As seen in FIGS. 1 and 2, a set of wheels 19 is shown secured to the distal end of frame. Wheels 19 are preferably rubber pneumatic wheels. A rear third wheel 7 is shown secured to frame 3 and positioned above and behind wheels 19. Also shown are collars 17 secured to wheels 19. Rear third wheel 7, as seen in FIG. 3 is used to support and facilitate balance and movement of electric handcart 10 and is preferably secured to mounting frame 8 and mount 6, mount 6 preferably has a rubber foot pad mounted thereon.
A motor 9, seen in FIGS. 1, 2, and 3, is shown mounted to frame 3. Motor 9 is preferably an electric gear reduction type motor of about 1/2 to 1 horsepower, but may be otherwise. Preferably motor 9 is secured to frame 3 with a bracket mount and is operably linked to drive chain 20 communicatively linked to drive sprocket 25 and drive axle 16 which is secured to axle mount 11. When activated such drive means drive wheels 19 moving electric handcart 10 in a forward direction. A automation type control box 13 is shown operably linked to rear third wheel 7 and to motor 9 for automatic motor control. Control box 13 is activated when rear third wheel 7 is pressed against a surface such as the ground.
A battery 5 powers motor 9 and is preferably a 12 volt cell type battery. Battery 5 is mounted on battery mount 14 and is operably linked to converter 15. An electric "dead switch" 21 is operably linked to motor 9 and when in an "on" position permits motor 9 to operate.
Throttle control means for controlling the motor speed are provided by a throttle control 1 operably linked to motor 9 and frame 3. Preferably the throttle control means is a variable spring loaded throttle control which is hand operated by the user. Of course, other throttle types may be used if desired.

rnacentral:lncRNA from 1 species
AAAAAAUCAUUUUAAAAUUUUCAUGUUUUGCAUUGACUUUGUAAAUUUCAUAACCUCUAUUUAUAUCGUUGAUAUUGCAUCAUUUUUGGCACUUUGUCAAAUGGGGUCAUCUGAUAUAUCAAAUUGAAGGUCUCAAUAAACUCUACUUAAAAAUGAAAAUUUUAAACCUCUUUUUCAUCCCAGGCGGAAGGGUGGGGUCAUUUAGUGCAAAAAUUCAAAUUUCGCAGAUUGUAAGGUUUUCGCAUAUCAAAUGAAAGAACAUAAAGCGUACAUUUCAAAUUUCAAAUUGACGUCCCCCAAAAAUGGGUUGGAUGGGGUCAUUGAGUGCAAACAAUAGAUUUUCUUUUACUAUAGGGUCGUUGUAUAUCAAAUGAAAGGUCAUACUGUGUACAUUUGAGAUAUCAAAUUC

In operation and use, the user grasps handle 2 preferably placing a finger on throttle control 1. Then switch 21 is turned to the "on" position and the throttle control 1 is depressed while electric handcart 10 is leaned back on rear third wheel 7 which engages automation control unit 13 which engages motor 9. Drive sprocket 25 is then engaged by chain drive 20. The drive axle 16 then engages wheels 19. When the handcart is loaded the user then release throttle control 1 and tilts electric handcart 10 to about 95 degrees, pushes the loaded electric handcart 10 by rubber footpad 6, and then leans electric handcart 10 back on rear third wheel 7. The user then may pull recoil strap 4 around the load and latches the strap into a locked position.
Additional advantages and modification will readily occur to those skilled in the art. The invention in its broader aspects is, therefore, not limited to the specific details, representative apparatus and illustrative examples shown and described. Accordingly, departures from such details may be made without departing from the spirit or scope of the applicant's general inventive concept.
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|U.S. Classification||180/65.6, 180/216, 180/65.1, 280/47.131, 180/908, 280/47.12|
|Cooperative Classification||Y10S180/908, B62B5/0033, B62B5/0026|
|May 17, 2003||FPAY||Fee payment|
Year of fee payment: 4
|Oct 8, 2007||FPAY||Fee payment|
Year of fee payment: 8
|Dec 26, 2011||REMI||Maintenance fee reminder mailed|
|May 16, 2012||LAPS||Lapse for failure to pay maintenance fees|
|Jul 3, 2012||FP||Expired due to failure to pay maintenance fee|
Effective date: 20120516